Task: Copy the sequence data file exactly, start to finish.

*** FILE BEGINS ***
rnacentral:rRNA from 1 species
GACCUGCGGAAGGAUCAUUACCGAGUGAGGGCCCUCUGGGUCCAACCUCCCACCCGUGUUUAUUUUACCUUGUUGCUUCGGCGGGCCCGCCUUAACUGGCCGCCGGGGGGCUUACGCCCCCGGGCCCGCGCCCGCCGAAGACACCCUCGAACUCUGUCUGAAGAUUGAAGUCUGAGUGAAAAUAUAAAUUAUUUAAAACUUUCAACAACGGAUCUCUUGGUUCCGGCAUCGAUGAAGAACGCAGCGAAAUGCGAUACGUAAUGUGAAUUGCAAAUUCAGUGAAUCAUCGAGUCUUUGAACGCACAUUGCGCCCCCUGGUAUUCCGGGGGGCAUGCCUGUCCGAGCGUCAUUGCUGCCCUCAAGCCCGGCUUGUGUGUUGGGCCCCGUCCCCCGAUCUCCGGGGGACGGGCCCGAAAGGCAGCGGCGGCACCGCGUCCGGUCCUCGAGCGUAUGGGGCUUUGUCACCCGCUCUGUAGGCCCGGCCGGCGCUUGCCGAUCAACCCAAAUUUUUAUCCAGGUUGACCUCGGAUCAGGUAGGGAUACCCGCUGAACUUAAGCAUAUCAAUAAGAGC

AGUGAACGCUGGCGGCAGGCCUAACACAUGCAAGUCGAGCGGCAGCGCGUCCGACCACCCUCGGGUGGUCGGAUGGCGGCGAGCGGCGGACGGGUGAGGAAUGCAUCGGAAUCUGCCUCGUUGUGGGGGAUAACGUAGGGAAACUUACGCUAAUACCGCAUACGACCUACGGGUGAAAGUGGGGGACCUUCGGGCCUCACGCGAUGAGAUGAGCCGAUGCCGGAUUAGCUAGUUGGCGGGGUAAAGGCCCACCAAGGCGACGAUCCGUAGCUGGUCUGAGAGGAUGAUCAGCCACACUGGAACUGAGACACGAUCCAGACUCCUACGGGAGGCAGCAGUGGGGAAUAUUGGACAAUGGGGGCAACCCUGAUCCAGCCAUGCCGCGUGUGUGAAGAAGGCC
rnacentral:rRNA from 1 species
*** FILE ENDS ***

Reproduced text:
rnacentral:rRNA from 1 species
GACCUGCGGAAGGAUCAUUACCGAGUGAGGGCCCUCUGGGUCCAACCUCCCACCCGUGUUUAUUUUACCUUGUUGCUUCGGCGGGCCCGCCUUAACUGGCCGCCGGGGGGCUUACGCCCCCGGGCCCGCGCCCGCCGAAGACACCCUCGAACUCUGUCUGAAGAUUGAAGUCUGAGUGAAAAUAUAAAUUAUUUAAAACUUUCAACAACGGAUCUCUUGGUUCCGGCAUCGAUGAAGAACGCAGCGAAAUGCGAUACGUAAUGUGAAUUGCAAAUUCAGUGAAUCAUCGAGUCUUUGAACGCACAUUGCGCCCCCUGGUAUUCCGGGGGGCAUGCCUGUCCGAGCGUCAUUGCUGCCCUCAAGCCCGGCUUGUGUGUUGGGCCCCGUCCCCCGAUCUCCGGGGGACGGGCCCGAAAGGCAGCGGCGGCACCGCGUCCGGUCCUCGAGCGUAUGGGGCUUUGUCACCCGCUCUGUAGGCCCGGCCGGCGCUUGCCGAUCAACCCAAAUUUUUAUCCAGGUUGACCUCGGAUCAGGUAGGGAUACCCGCUGAACUUAAGCAUAUCAAUAAGAGC

AGUGAACGCUGGCGGCAGGCCUAACACAUGCAAGUCGAGCGGCAGCGCGUCCGACCACCCUCGGGUGGUCGGAUGGCGGCGAGCGGCGGACGGGUGAGGAAUGCAUCGGAAUCUGCCUCGUUGUGGGGGAUAACGUAGGGAAACUUACGCUAAUACCGCAUACGACCUACGGGUGAAAGUGGGGGACCUUCGGGCCUCACGCGAUGAGAUGAGCCGAUGCCGGAUUAGCUAGUUGGCGGGGUAAAGGCCCACCAAGGCGACGAUCCGUAGCUGGUCUGAGAGGAUGAUCAGCCACACUGGAACUGAGACACGAUCCAGACUCCUACGGGAGGCAGCAGUGGGGAAUAUUGGACAAUGGGGGCAACCCUGAUCCAGCCAUGCCGCGUGUGUGAAGAAGGCC
rnacentral:rRNA from 1 species